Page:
Patagonia Facts vs. Legends

Fact vs. Legend

Our spiritual home has a myriad of events, truths, tall tales and stories that all add up to make this the mystical land it is. The magical aura, carried by the immense beauty of the region, attracts dreamers, adventurers and explorers who delight in the tangled web of legends of debatable veracity. But maybe you’re looking to separate fact from fiction? We’ve got a a few of our favorite Patagonia facts, with their accompanying legends, to help you decide what’s legitimate and what is just delightful deception.

The name Patagonia comes from the legend that inhabitants were giants. As the shorter European explorers returned to their homelands the small truth that natives were taller became embellished until they were supposedly 10 feet tall! While this is obviously ficta stretched truth, the area was home to some of the largest dinosaurs ever discovered, including a yet-to-be-named dinosaur measuring 42m in length and weighing in over 76 tons. So not exactly giant people, but definitely giant dinosaurs!

The calafate berry is said to grant a mystical power to anyone who eats the berry: they ensure their return to Patagonia. Legend has it the berry came from an old woman from the nomadic Tehuelche tribe. Unable to carry on with her tribe one winter to warmer lands, she stayed behind and turned into a bush, offering protection to birds and tribe members - who would return every spring and summer to feast upon her berries. What do we really know is true? This berry only grows in the Patagonia region and is only available in late spring and summer. Lady Florence Dixie, the first “tourist” to Patagonia in 1878, recounts her delight with the berries in her book "Riding Across Patagonia". It is also the namesake for the town El Calafate, Argentina.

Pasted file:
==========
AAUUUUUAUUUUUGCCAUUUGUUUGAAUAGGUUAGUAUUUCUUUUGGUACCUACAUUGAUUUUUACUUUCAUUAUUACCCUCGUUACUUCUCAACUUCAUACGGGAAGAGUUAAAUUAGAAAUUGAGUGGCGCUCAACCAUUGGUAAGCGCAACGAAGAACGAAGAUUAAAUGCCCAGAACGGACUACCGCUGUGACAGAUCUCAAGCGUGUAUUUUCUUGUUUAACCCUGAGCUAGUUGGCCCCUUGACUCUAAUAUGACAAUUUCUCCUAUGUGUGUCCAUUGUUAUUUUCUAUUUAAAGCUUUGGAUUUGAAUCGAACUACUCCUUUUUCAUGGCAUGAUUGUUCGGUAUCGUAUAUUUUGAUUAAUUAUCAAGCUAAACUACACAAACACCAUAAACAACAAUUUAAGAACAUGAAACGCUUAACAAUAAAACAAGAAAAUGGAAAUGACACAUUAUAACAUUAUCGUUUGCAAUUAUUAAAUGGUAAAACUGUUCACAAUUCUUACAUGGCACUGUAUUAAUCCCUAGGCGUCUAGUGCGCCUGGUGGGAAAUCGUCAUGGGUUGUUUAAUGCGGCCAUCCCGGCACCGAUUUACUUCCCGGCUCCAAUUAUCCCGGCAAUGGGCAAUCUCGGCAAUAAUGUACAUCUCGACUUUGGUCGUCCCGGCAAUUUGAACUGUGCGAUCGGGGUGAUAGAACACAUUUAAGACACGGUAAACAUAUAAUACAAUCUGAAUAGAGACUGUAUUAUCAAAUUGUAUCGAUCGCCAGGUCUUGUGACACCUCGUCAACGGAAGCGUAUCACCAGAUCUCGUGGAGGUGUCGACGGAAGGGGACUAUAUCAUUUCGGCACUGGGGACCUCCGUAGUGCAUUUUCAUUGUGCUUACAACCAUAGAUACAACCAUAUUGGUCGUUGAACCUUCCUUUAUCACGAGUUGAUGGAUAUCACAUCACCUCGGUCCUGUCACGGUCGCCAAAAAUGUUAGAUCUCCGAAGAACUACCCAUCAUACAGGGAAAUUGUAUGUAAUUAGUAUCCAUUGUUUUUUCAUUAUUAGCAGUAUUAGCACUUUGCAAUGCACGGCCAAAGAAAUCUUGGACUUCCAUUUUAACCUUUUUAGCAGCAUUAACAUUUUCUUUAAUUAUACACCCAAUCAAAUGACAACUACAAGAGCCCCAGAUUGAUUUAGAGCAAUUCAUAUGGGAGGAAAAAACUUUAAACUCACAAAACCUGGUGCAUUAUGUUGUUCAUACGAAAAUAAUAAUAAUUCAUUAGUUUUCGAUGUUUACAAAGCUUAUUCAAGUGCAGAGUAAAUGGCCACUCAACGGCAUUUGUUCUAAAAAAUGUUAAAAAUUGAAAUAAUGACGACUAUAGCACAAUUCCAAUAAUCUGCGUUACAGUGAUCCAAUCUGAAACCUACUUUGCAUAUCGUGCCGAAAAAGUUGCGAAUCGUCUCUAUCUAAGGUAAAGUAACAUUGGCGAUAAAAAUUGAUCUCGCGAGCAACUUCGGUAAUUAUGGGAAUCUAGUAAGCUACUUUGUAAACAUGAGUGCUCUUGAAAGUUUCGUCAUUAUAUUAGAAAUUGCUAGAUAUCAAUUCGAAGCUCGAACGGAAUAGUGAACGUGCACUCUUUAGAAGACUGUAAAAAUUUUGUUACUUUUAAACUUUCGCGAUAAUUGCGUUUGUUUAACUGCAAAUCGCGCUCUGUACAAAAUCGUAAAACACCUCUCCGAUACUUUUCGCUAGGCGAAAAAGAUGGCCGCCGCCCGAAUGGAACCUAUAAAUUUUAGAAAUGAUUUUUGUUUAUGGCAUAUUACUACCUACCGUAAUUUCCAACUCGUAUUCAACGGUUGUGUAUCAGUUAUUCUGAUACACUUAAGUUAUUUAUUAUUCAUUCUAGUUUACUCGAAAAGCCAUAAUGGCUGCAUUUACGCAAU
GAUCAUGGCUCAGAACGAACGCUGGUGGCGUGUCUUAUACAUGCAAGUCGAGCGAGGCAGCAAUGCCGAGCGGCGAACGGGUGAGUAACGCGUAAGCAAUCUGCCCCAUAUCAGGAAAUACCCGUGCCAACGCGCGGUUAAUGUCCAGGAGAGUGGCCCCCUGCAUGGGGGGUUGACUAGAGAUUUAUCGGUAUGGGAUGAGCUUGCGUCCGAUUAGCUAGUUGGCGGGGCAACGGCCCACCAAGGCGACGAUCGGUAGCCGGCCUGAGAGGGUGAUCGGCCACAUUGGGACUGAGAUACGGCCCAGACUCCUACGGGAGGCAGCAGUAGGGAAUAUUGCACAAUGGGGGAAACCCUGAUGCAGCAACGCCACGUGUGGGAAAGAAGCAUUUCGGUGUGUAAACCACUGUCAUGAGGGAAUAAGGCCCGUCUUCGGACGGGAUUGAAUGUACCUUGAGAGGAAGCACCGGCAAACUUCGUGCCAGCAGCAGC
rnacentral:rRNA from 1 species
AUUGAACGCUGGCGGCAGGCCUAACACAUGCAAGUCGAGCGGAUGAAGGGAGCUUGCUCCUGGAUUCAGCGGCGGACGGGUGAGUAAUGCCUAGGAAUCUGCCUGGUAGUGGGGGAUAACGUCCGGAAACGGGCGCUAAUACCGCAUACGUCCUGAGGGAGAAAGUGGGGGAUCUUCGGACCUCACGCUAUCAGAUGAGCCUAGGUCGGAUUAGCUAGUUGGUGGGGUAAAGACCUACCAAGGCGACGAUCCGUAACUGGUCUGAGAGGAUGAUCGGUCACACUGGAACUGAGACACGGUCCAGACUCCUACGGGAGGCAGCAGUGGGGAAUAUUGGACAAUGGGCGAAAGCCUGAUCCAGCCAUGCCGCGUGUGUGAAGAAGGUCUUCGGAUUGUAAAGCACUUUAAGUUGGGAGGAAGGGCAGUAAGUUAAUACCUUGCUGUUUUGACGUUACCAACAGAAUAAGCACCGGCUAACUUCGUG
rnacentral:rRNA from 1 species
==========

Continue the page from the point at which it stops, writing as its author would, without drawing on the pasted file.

Kris and Douglas Tompkins, American conservationists, were the subject of recent legends across Chile and Argentina. Buying up over 2.2 million acres of land in the region led to rumors swirling about their true intentions. Kris, the former CEO of outdoor wear Patagonia and Douglas, the owner of Esprit and The North Face, were thought to be CIA operatives. Or perhaps they were buying enough land to form their own country? Were they looking for oil or other natural resources that would destroy the beauty of the region? Following the death of her husband, Kris donated the land back to the countries of Argentina and Chile, under the condition the land be left as pristine national parks, for generations of visitors to marvel at the wild splendor of Patagonia.

Have you heard any other Patagonia facts or legends? Tell us in the comments some of your favorites!

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